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Introduction. Burlington, Vermont accepts refugees from around the world. These individuals face unique barriers to accessing healthcare due to language, culture and finances. Research suggests that cultural beliefs about healthcare can affect ability or willingness to seek medical care. Gaining a better understanding of refugee perspectives of the healthcare system may offer insight into how to rectify this issue.

Objectives. The goal of this study was to learn about refugee perspectives of the healthcare system and assess their use of services.

Methods. We surveyed a convenience sample of 24 refugees to learn more about thoughts and practices surrounding healthcare and the use of the medical system.

Results. Survey findings suggested that refugees who had been living in the US for longer than one year access healthcare resources differently from more recent arrivals. Most respondents agreed that reasons for going to a healthcare provider revolved around the diagnosis and treatment of current ailments. Regardless of time spent in the U.S., most respondents were unlikely to seek out preventive care. Refugees who had been in the U.S. longer than one year were less likely to seek out emergency services for acute symptoms that would be better served by a visit with their PCP.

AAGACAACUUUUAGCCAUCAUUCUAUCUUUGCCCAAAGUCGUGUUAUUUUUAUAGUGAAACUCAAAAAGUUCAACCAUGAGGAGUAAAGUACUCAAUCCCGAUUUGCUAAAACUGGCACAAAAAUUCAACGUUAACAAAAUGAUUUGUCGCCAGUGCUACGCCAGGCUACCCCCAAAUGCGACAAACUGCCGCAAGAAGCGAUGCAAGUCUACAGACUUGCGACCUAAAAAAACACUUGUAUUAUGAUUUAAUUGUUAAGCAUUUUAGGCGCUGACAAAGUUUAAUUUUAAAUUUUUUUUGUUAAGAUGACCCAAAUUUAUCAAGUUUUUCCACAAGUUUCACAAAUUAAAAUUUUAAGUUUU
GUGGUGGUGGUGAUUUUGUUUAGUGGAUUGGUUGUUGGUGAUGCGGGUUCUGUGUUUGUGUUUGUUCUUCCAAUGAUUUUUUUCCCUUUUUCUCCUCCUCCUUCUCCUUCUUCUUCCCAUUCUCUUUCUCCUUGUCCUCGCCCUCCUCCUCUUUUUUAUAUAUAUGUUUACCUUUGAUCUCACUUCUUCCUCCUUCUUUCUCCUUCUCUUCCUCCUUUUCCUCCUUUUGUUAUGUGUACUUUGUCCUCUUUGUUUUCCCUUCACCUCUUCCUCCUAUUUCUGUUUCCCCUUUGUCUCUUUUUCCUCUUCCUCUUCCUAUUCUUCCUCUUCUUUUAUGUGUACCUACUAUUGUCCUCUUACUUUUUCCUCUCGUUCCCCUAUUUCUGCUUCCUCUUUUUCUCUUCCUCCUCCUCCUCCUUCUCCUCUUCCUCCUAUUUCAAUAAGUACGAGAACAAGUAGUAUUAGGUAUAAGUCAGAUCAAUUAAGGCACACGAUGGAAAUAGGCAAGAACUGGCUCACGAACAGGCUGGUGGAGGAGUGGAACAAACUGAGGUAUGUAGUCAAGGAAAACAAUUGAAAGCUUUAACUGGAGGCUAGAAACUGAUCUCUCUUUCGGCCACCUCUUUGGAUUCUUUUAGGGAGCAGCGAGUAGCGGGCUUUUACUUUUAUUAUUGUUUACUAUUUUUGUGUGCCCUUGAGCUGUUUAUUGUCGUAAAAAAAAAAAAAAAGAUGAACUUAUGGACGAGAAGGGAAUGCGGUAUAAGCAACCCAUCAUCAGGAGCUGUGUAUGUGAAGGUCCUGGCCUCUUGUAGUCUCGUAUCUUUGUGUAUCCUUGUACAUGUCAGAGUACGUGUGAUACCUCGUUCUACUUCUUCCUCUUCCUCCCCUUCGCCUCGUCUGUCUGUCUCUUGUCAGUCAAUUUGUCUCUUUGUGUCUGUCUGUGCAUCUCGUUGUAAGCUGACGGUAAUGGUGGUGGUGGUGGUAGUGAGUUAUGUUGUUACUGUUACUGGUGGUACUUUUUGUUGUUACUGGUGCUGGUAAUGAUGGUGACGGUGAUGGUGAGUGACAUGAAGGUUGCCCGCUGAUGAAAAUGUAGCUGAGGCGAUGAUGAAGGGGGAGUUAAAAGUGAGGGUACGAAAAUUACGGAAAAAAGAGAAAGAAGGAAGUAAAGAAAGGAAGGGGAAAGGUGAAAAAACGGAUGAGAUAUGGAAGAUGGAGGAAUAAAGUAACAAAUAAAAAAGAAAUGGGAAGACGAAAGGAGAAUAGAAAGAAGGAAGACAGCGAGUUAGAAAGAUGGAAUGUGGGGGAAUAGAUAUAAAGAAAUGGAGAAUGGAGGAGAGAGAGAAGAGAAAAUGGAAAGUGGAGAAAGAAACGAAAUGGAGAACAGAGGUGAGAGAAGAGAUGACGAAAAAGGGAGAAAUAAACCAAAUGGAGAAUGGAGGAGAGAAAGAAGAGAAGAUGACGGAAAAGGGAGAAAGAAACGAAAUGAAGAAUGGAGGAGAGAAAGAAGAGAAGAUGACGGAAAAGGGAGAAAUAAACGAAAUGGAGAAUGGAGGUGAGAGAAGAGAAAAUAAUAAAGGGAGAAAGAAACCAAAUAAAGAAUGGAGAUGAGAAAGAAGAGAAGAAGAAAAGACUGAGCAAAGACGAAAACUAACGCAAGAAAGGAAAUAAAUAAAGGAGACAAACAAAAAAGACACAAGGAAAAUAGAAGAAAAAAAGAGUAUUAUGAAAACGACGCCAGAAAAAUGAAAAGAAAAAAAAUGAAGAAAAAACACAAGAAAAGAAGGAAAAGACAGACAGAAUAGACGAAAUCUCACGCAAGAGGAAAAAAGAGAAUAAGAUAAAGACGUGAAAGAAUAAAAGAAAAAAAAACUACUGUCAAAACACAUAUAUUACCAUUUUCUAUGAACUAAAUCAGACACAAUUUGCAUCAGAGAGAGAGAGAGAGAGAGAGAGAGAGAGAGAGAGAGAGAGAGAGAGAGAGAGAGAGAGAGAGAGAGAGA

Conclusions. Recent arrivals used the emergency room for primary care needs more than those living in the U.S. longer than one year, suggesting the efficacy of provided health education. Study data suggests an important area for improvement may be increased education for refugees about the importance of preventive care.


Martha Friedman

Vermont Department of Health

Shaden Eldakar-Hein

University of Vermont Medical Center


Vermont Department of Health


Global Health, Public Health Infrastructure

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Creative Commons License
This work is licensed under a Creative Commons Attribution-Noncommercial 3.0 License

Understanding Refugees' Perspectives on Health Care